Drew Pomeranz Is the Future of Tribe Pitching Staff

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Drew Pomeranz Is the Future of Tribe Pitching Staff

The Cleveland Indians have long boasted one of the best minor league systems in Major League Baseball. Although they may not necessarily have set the world on fire through the draft the past decade or so, the trading of stars (and superstars) have kept the farm system growing with plenty of exciting prospects.

Drew Pomeranz was not one of those received in a trade. It appears as though the Indians may have struck gold with their fifth overall pick of last season's draft.

Pomeranz, in only his second-career professional start with the Single-A Kinston Indians, took a no-hitter into the sixth inning on Wednesday night. Although the Indians lost the ball game, how could you not be excited about the young lefty?

Through his first two starts, he has hurled 11 scoreless innings with only three hits allowed. Even more impressive—he has only walked two and struck out 17 hitters in that span. His WHIP is a minuscule 0.45 and he is averaging 13.9 K/9 innings.

Pomeranz was originally drafted by the Texas Rangers in the 12th round of the 2007 draft when he was still in high school. He opted instead to go to college, choosing the University of Mississippi where he had a brilliant collegiate career. During his tenure at Mississippi, he was named SEC Pitcher of the Year and broke the school's career strikeout record when he was only a junior.

Despite the fact that he could very well be pitching way above his designated Double-A level right now, Pomeranz is insistent he is taking his progression slowly, and wants to ready himself for a big league career at a reasonable pace

I'm here working on just showing them that I'm ready," Pomeranz told MiLB.com, "That's all I can do and throw my best. The rest is out of my hands."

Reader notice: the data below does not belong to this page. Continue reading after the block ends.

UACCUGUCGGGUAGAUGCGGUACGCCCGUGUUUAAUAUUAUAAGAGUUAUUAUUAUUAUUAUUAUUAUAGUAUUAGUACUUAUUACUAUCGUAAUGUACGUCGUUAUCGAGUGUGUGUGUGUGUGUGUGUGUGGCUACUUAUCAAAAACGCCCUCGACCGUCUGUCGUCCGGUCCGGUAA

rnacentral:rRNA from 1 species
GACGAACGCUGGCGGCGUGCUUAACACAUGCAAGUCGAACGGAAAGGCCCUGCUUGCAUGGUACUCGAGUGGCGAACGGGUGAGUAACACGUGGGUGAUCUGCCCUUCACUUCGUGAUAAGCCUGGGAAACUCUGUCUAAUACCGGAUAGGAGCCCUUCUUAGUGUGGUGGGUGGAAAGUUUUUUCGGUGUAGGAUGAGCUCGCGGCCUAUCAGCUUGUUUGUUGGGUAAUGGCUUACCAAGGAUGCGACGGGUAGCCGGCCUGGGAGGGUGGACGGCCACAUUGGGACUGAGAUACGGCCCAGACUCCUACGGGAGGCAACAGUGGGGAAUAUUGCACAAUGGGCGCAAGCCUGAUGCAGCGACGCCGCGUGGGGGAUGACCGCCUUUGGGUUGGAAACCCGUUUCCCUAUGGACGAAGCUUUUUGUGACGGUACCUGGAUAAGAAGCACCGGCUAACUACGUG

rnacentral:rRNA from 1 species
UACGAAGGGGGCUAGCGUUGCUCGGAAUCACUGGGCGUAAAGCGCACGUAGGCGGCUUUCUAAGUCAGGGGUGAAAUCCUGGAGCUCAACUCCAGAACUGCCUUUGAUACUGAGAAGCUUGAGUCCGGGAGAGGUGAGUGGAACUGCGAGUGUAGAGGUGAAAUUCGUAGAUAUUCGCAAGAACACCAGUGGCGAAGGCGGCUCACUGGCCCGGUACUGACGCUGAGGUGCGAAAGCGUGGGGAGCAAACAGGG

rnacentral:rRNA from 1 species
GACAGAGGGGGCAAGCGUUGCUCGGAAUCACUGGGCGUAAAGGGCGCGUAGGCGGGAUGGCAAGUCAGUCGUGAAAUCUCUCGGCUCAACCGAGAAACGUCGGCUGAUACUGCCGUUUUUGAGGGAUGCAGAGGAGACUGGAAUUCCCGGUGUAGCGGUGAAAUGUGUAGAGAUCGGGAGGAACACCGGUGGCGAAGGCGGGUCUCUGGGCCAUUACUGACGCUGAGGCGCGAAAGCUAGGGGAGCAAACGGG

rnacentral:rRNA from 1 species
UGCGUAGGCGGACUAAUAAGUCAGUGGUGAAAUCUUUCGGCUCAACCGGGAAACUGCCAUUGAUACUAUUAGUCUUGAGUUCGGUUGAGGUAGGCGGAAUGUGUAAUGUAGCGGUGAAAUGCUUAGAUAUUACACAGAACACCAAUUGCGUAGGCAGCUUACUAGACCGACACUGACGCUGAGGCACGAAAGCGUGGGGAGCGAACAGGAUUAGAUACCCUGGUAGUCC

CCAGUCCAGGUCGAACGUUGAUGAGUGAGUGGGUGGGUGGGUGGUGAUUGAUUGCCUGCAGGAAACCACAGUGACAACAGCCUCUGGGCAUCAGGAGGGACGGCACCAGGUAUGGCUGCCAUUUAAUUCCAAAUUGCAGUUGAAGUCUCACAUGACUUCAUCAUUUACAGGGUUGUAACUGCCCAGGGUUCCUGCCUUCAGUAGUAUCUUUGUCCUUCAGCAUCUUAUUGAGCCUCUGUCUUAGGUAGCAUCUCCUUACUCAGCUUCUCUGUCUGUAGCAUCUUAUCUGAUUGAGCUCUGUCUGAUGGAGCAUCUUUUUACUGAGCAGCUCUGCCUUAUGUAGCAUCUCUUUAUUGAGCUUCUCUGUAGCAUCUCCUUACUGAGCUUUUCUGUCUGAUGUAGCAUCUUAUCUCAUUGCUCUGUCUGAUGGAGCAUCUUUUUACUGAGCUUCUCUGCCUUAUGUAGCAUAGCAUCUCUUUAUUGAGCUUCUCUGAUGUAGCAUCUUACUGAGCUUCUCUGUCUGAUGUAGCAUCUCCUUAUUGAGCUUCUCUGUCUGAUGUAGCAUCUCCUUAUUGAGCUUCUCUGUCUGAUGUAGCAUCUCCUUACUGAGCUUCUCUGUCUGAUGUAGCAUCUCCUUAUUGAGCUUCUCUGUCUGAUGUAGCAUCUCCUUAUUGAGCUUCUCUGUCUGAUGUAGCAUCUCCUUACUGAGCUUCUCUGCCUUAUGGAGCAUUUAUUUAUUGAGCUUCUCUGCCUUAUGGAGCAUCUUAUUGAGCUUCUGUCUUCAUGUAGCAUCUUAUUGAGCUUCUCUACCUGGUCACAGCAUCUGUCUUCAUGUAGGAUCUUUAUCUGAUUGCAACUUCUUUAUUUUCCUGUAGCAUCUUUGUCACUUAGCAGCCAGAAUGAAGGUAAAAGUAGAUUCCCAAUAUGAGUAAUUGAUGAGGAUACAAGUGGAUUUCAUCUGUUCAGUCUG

In his first start, he said he allowed his fastball to carry him through the game. For his second, he said he focused more on his changeup and his other off-speed pitches to get guys out.

Stop. Fast-forward to 2012.

There is at least a chance that starting pitcher Fausto Carmona will be dealt at the All-Star break or this coming offseason. The Tribe may try to rid themselves of his big contract, a deal that calls for $28 million to be paid to Carmona over the 2012-14 seasons. If this were to happen, could Pomeranz be ready to step up as a legitimate starter in the MLB?

Time will tell. The Indians have gotten some very positive returns from young guns Justin Masterson, Josh Tomlin, Carlos Carrasco and Mitch Talbot. But the introduction of Pomeranz, as well as 2009 first-round pick Alex White from North Carolina, could give the Indians plenty of arms to choose from come spring training.

This spring training, it did seem like a couple starters in the rotation won their spot almost by default. Competition could breed excellence, and this would make the Tribe pitching staff that much better. With the hefty lefty Pomeranz and workhorse Alex White, it could make the rotation very formidable in the near future.

With a young rotation and a very young (and effective) bullpen, the Indians could have great pitching for years.

But for now, I will certainly be following Pomeranz very closely with much interest.

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